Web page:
U.S. Newspaper Future

Posted on 6/5/2017 by Jim Pickerell | Printable Version | Comments (0)

According to Pew Research Center the combined print and digital U.S. daily newspaper circulation fell an estimated 8% to 35 million and 38 million for Sunday, the lowest levels since 1945.

This is the 28th consecutive year of declines compared to the year before. When compared to 1988 there has been a 39% decline in newspaper readership in the U.S while the population has increased by about 32%.

In 2016 newspaper advertising revenue declined compared to 2015. Based on financial statements of publicly-traded newspaper companies Pew Research Center estimates ad revenue at $18 billion, down 10% from 2015.

However, many newspapers are moving toward an online subscription model and depending less on advertising. Digital adds accounted for 29% of total newspaper advertising in 2016, up from 25% in 2015. Circulation revenue in 2016 was an estimated $11 billion, about the same as in 2015.
Some major publications that saw digital subscription growth in 2016 include:
  • The New York Times added more than 500,000 digital subscriptions in 2016 – a 47% year-over-year rise,
  • The Wall Street Journal added more than 150,000 digital subscriptions, a 23% rise, according to audited statements produced by Dow Jones,
  • The Chicago Tribune added about 100,000 in weekday digital circulation, a 76% year-over-year gain, according to its filings with the Alliance for Audited Media (AAM),
  • The Washington Post’s online traffic increased by nearly 50 percent in 2016 and new subscriptions grew by 75 percent, more than doubling digital subscription revenue.
However, circulation revenue gains are still not high enough to account for losses in ad revenue.

According to year-end financial statements, The New York Times saw a year-over-year decline of 9% in advertising revenue but a 3% rise in circulation revenue, for an overall revenue decline of 2%.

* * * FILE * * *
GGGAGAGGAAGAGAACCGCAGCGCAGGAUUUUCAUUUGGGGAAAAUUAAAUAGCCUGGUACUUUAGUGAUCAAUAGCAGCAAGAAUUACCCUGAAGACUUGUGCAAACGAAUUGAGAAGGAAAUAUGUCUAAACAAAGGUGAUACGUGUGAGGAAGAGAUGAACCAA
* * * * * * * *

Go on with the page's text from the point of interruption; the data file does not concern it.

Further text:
Tronc, which owns the Chicago Tribune and the Los Angeles Times saw an 8% decline in advertising revenue and a 4% decline in total revenue, though circulation revenue increased 5%.

The chief revenue officer of The Washington Post, a private company that does not publish its financial results, told a New York Times reporter recently that 2017 would be “our third straight year of double-digit revenue growth.”)

Last December, in an article first reported by Politico, The Washington Post said it expected to hire more than 60 journalists in the coming months to grow its newsroom to more than 750 people. As part of this growth The Post expected to expand its video journalism and make additional investments in podcasts and photography.

Copyright © 2017 Jim Pickerell. The above article may not be copied, reproduced, excerpted or distributed in any manner without written permission from the author. All requests should be submitted to Selling Stock at 10319 Westlake Drive, Suite 162, Bethesda, MD 20817, phone 301-461-7627, e-mail: wvz@fpcubgbf.pbz

Jim Pickerell is founder of www.selling-stock.com, an online newsletter that publishes daily. He is also available for personal telephone consultations on pricing and other matters related to stock photography. He occasionally acts as an expert witness on matters related to stock photography. For his current curriculum vitae go to: http://www.jimpickerell.com/Curriculum-Vitae.aspx.  


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